By Mike Colpitts
In a sign the U.S. housing market is improving, home prices rose on a year over year basis slightly more than 1% on average through April, according to real estate research firm CoreLogic. The company released the report on its monthly Home Price Index today.
It was the second straight year over year increase this year, and the first time home prices have shown an increase in the company’s index since June 2010. The average home price rose 1.1% for 2012, according to the study which covers 100 major U.S. housing markets composing the nation’s largest populated cities.
On a month over month basis housing prices, including distressed sales, which are bank assisted short sales and foreclosures jumped 2.2% in April. Almost half of all home sales in the country are distress sales. It was the second consecutive monthly increase this year.
A tighter inventory of homes to choose from in many regions of the nation is pressuring home prices as record low mortgage rates push more buyers into the marketplace. “Excluding distressed sales, home prices in March and April are improving at a rate not seen since late 2006 and appreciating at a faster rate than during the tax credit boom-let in 2010,” said CoreLogic chief economist Mark Fleming.
The supply of homes for consumers to choose from is down to an average of 6.5 months in the U.S., which hasn’t been seen in five years. Freddie Mac and Fannie Mae are holding a large inventory of homes off the market and many banks and mortgage companies are doing the same in hopes of selling them at higher prices.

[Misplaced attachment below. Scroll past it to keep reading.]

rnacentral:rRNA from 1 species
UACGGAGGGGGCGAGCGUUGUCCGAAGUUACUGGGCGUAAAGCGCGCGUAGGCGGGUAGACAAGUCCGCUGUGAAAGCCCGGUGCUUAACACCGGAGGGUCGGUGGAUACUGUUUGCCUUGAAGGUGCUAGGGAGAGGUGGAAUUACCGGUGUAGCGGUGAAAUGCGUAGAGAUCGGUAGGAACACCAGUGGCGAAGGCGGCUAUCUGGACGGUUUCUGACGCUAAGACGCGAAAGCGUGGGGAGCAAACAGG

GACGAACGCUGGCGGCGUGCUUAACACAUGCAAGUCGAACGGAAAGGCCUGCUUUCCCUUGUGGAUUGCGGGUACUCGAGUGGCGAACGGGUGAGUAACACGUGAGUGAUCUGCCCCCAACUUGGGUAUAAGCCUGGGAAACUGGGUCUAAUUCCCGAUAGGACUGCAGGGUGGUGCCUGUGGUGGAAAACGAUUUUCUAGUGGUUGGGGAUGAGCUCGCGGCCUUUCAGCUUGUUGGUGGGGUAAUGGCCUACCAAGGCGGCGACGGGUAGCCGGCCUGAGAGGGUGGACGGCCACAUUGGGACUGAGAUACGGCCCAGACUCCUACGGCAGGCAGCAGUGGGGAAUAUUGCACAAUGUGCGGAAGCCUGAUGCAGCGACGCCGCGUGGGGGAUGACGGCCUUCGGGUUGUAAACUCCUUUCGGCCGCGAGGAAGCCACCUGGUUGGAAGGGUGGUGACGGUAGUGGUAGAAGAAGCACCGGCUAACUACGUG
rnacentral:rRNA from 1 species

CoreLogic provides real estate analytics to the financial services and real estate industry, and its index tracks home sales and prices monthly.“We see the consistent month-over-month increases within our HPI and Pending HPI as one sign that the housing market is stabilizing,” said Anand Nallathambi, president and chief executive officer of CoreLogic. “Home prices are responding to a restricted supply that will likely exist for some time to come—an optimistic sign for the future of our industry.”
The five states with the highest appreciation levels on a year over year basis are led by Arizona at 8.8%, the District of Columbia (6.4%), Florida (5.5%), Montana (5.4%) and Utah (5.4%), according to CoreLogic.
But many of the nation’s hardest hit states are still reeling in massively declining home values. Delaware home values have fallen an average of 11.9% for the year, followed by Illinois (-6.8%), Alabama (-6.6%), Rhode Island(-6.2%) and Georgia (-5.6%).